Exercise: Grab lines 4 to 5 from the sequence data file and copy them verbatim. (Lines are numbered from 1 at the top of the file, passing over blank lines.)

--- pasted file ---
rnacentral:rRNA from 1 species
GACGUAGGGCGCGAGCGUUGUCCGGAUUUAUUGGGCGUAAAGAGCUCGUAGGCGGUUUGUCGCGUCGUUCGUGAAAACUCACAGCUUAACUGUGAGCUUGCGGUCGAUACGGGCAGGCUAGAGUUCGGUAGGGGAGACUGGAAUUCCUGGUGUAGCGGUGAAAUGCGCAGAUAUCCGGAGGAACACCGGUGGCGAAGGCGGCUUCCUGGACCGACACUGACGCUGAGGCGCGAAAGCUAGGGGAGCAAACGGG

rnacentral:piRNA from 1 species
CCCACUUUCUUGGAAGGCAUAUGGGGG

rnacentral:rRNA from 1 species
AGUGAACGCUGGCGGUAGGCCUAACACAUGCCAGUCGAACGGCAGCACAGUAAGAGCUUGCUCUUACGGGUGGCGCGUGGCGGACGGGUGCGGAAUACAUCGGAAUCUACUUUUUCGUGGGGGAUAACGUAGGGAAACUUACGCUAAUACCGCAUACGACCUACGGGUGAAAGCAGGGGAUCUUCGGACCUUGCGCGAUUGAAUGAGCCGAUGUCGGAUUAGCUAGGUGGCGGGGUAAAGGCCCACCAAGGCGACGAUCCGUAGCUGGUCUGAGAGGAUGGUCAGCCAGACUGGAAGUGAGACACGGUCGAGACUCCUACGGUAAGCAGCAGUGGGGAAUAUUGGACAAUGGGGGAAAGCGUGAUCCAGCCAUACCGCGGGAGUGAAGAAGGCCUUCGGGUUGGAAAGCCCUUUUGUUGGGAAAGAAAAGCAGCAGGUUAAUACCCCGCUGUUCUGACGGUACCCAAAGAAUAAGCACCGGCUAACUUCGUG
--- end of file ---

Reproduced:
CCCACUUUCUUGGAAGGCAUAUGGGGG

rnacentral:rRNA from 1 species